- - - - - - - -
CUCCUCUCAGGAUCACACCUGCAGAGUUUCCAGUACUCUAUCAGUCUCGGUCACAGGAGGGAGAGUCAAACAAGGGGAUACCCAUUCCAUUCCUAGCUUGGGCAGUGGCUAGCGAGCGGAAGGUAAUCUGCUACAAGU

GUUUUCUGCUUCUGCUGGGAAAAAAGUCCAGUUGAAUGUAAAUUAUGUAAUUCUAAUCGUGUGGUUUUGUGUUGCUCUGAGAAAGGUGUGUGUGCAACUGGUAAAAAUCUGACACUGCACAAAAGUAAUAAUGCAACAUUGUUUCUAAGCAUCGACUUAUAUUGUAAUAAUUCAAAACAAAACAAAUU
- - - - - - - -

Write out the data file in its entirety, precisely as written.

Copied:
CUCCUCUCAGGAUCACACCUGCAGAGUUUCCAGUACUCUAUCAGUCUCGGUCACAGGAGGGAGAGUCAAACAAGGGGAUACCCAUUCCAUUCCUAGCUUGGGCAGUGGCUAGCGAGCGGAAGGUAAUCUGCUACAAGU

GUUUUCUGCUUCUGCUGGGAAAAAAGUCCAGUUGAAUGUAAAUUAUGUAAUUCUAAUCGUGUGGUUUUGUGUUGCUCUGAGAAAGGUGUGUGUGCAACUGGUAAAAAUCUGACACUGCACAAAAGUAAUAAUGCAACAUUGUUUCUAAGCAUCGACUUAUAUUGUAAUAAUUCAAAACAAAACAAAUU